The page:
So, it is a multi-faceted problem and a worthwhile discussion. While I am not sure how I think/stand regarding a strictly pay for services program for nursing there does need to be a change somewhere. The patients should see a charge for nursing care reflected in their bill. Nursing provides 90% or more of all care given to patients and yet is the only profession not represented in the billing. Every year our profession is voted "the most trusted profession" by the public, shouldn't they then know exactly how much of their care is attributed to that profession? Hospitals and other facilities have to acknowledge what nurses do, as well as consider that not all patients are created equal. Physicians do bill extra for critical care and that should be considered for nursing as well, in billing and other determinants.

We have many discussions and decisions that HAVE to be made for our profession but it is time WE THE NURSES started making them instead of others and then trying to change the decisions or undo them.. Be proactive not reactive.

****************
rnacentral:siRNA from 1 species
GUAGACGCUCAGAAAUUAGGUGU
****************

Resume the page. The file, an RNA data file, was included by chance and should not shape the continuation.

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559 Posts; 10,966 Profile Views

ya, we need less documentation, not more...that's where I stopped reading and had to disagree with the post.

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elprup has 2 years experience as a BSN, RN.

1,005 Posts; 21,802 Profile Views

I disagree with one point made by the PP. Chronic care is not devalued. In fact, from my own job offers, those LTC/LTAC/SNF jobs I have had or was offered paid MORE than the hospital job!I would rather have my care based on CPT code than patient surveys!!Fact is that too many Americans have been taught that outcome is the goal...not equal opportunity but equal outcome....translated medically that it isn't equal opportunity for good nursing care but better outcomes for the patient. Doctors are not Gods and they cannot always predict who will or will not survive. They cannot predict one head injury outcome over another...it is 'wait and see'. How many stories have we heard where a patient wasn't expected to survive but did or vice versa.How do we as nurses begin to get the world to realize our true value? It will never come from becoming medical waitresses. As a career transitioner, I had NO concept of all the knowledge that a nurse needs to pass the NCLEX and then to provide care. Somehow, some way we need to get the general public to know that we are not just the doctor's handmaidens. Honestly, the silliest, but most effective way would be proper nurse based drama shows. As long as the public sees nurses behind the desk as the station gossiping about nothing....then see the doctor do all the procedures that are the nurses area of practice, they will NEVER see our value.